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Interferential Impact of ENSO and PDO on Dry and Wet Conditions in the US Great Plains

TitleInterferential Impact of ENSO and PDO on Dry and Wet Conditions in the US Great Plains
Publication TypeManual Entry
Year of Publication2009
AuthorsHu, Z. Z., and B. H. Huang
Journal of Climate
Volume22
Pagination6047-6065
CENTRAL UNITED-STATES PACIFIC DECADAL OSCILLATION WINTER PRECIPITATION DROUGHT CLIMATE SUMMER VARIABILITY RAINFALL TELECONNECTIONS MODULATION
Abstract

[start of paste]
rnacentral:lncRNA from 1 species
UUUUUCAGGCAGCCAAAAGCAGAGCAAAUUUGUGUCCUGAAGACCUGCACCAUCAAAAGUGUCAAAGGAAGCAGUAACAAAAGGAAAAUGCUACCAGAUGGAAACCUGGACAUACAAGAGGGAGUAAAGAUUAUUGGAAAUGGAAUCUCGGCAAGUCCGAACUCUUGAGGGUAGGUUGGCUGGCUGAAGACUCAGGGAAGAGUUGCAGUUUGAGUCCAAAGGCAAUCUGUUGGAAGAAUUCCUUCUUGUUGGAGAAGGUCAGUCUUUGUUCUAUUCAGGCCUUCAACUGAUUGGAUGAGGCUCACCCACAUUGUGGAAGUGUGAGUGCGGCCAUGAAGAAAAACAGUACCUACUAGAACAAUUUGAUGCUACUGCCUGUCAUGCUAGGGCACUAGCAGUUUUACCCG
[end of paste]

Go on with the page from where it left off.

The influence of the El Nino-Southern Oscillation (ENSO) and Pacific decadal oscillation (PDO) interference on the dry and wet conditions in the Great Plains of the United States has been examined using monthly observational datasets. It is shown that both ENSO and PDO can generate a similar pattern of atmospheric and oceanic anomalies over the eastern part of the North Pacific and western North America that has significant impact on the climate over the Great Plains. Furthermore, the relationship between ENSO-PDO and climate anomalies in the Great Plains is intensified when ENSO and PDO are in phase (El Nino and warm PDO or La Nina and cold PDO). On average, anomalies over the Great Plains favor wet (dry) conditions when both ENSO and PDO are in the positive (negative) phase. However, when ENSO and PDOare out of phase, the relationship is weakened and the anomalies over the Great Plains tend toward neutral. Without ENSO, PDO alone does not affect the North American climate significantly. The relationship is quite robust for different seasons, with the strongest effects for the months of spring and the weakest effects for the months of autumn, whereas the months of winter and summer fall in between. The seasonality of the relationship may be associated with the seasonal dependence of the anomalies of general circulation and the pattern of mean seasonal cycle in the North Pacific. The contrasting impact of the interference of ENSO and PDO on the climate anomalies in the Great Plains is associated with differences in the ocean-atmosphere anomalies. When ENSO and PDO are in phase, the sea surface temperature (SST) anomalies extend from the equatorial Pacific to the higher latitudes of the North Pacific via the eastern ocean. The distribution of the corresponding anomalies of sea level pressure (SLP) and the wind at 1000 hPa form an ellipse with a southeast-northwest orientation of the long axis because the SST anomalies promote coherent changes in SLP in the central North Pacific. In the upper troposphere, a similar teleconnection pattern with the same sign generated by ENSO and PDO is overlapped and enhanced, which favors anomaly (dry and wet) conditions in the Great Plains. However, when ENSO and PDO are out of phase, the SST anomalies have the same sign in the tropical and central North Pacific, which is opposite to the anomalies near the west coast of North America. The anomalously cyclonic circulation over the North Pacific is weaker in the out-of-phase situation than in the in-phase situation. The distribution of the anomalies of SLP and the wind at 1000 hPa resembles a circle. Meanwhile, in the upper troposphere, ENSO and PDO generate a similar teleconnection pattern with opposite sign, causing cancellation of the anomalous circulation and favoring neutral climate in the Great Plains.

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